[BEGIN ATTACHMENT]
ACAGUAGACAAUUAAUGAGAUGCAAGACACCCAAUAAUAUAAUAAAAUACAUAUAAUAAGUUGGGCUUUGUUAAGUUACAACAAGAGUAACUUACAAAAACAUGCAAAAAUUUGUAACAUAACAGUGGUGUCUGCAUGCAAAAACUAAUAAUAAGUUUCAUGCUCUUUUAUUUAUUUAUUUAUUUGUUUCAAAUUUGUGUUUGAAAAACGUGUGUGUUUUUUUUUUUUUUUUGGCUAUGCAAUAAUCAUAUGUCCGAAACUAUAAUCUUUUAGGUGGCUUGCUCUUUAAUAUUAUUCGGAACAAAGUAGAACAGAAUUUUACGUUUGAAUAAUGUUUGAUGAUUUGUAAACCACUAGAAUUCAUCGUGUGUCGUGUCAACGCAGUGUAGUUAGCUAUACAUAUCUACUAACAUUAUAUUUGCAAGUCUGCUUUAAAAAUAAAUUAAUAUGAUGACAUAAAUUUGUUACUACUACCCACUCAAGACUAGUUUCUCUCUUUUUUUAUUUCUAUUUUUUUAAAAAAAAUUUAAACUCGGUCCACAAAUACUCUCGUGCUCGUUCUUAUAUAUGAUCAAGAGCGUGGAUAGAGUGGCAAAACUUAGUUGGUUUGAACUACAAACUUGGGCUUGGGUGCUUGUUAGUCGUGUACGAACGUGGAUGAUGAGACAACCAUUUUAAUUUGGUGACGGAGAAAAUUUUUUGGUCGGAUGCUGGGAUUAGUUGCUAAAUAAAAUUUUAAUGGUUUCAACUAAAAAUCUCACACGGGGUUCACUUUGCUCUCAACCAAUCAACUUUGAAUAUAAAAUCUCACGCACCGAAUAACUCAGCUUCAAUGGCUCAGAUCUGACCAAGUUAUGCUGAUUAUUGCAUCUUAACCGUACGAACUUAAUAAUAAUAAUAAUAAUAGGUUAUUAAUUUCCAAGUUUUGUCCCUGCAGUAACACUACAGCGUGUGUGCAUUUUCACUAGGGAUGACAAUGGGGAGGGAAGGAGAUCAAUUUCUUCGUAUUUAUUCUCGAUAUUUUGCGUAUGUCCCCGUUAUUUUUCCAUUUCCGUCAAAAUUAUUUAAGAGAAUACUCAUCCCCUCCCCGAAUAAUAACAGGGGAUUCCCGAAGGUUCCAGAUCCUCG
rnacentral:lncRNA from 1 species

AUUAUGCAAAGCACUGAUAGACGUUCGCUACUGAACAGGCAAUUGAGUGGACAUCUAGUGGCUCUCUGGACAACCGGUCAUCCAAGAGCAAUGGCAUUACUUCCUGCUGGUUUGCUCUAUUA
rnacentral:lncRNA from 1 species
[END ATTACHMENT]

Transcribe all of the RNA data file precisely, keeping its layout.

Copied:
ACAGUAGACAAUUAAUGAGAUGCAAGACACCCAAUAAUAUAAUAAAAUACAUAUAAUAAGUUGGGCUUUGUUAAGUUACAACAAGAGUAACUUACAAAAACAUGCAAAAAUUUGUAACAUAACAGUGGUGUCUGCAUGCAAAAACUAAUAAUAAGUUUCAUGCUCUUUUAUUUAUUUAUUUAUUUGUUUCAAAUUUGUGUUUGAAAAACGUGUGUGUUUUUUUUUUUUUUUUGGCUAUGCAAUAAUCAUAUGUCCGAAACUAUAAUCUUUUAGGUGGCUUGCUCUUUAAUAUUAUUCGGAACAAAGUAGAACAGAAUUUUACGUUUGAAUAAUGUUUGAUGAUUUGUAAACCACUAGAAUUCAUCGUGUGUCGUGUCAACGCAGUGUAGUUAGCUAUACAUAUCUACUAACAUUAUAUUUGCAAGUCUGCUUUAAAAAUAAAUUAAUAUGAUGACAUAAAUUUGUUACUACUACCCACUCAAGACUAGUUUCUCUCUUUUUUUAUUUCUAUUUUUUUAAAAAAAAUUUAAACUCGGUCCACAAAUACUCUCGUGCUCGUUCUUAUAUAUGAUCAAGAGCGUGGAUAGAGUGGCAAAACUUAGUUGGUUUGAACUACAAACUUGGGCUUGGGUGCUUGUUAGUCGUGUACGAACGUGGAUGAUGAGACAACCAUUUUAAUUUGGUGACGGAGAAAAUUUUUUGGUCGGAUGCUGGGAUUAGUUGCUAAAUAAAAUUUUAAUGGUUUCAACUAAAAAUCUCACACGGGGUUCACUUUGCUCUCAACCAAUCAACUUUGAAUAUAAAAUCUCACGCACCGAAUAACUCAGCUUCAAUGGCUCAGAUCUGACCAAGUUAUGCUGAUUAUUGCAUCUUAACCGUACGAACUUAAUAAUAAUAAUAAUAAUAGGUUAUUAAUUUCCAAGUUUUGUCCCUGCAGUAACACUACAGCGUGUGUGCAUUUUCACUAGGGAUGACAAUGGGGAGGGAAGGAGAUCAAUUUCUUCGUAUUUAUUCUCGAUAUUUUGCGUAUGUCCCCGUUAUUUUUCCAUUUCCGUCAAAAUUAUUUAAGAGAAUACUCAUCCCCUCCCCGAAUAAUAACAGGGGAUUCCCGAAGGUUCCAGAUCCUCG
rnacentral:lncRNA from 1 species

AUUAUGCAAAGCACUGAUAGACGUUCGCUACUGAACAGGCAAUUGAGUGGACAUCUAGUGGCUCUCUGGACAACCGGUCAUCCAAGAGCAAUGGCAUUACUUCCUGCUGGUUUGCUCUAUUA
rnacentral:lncRNA from 1 species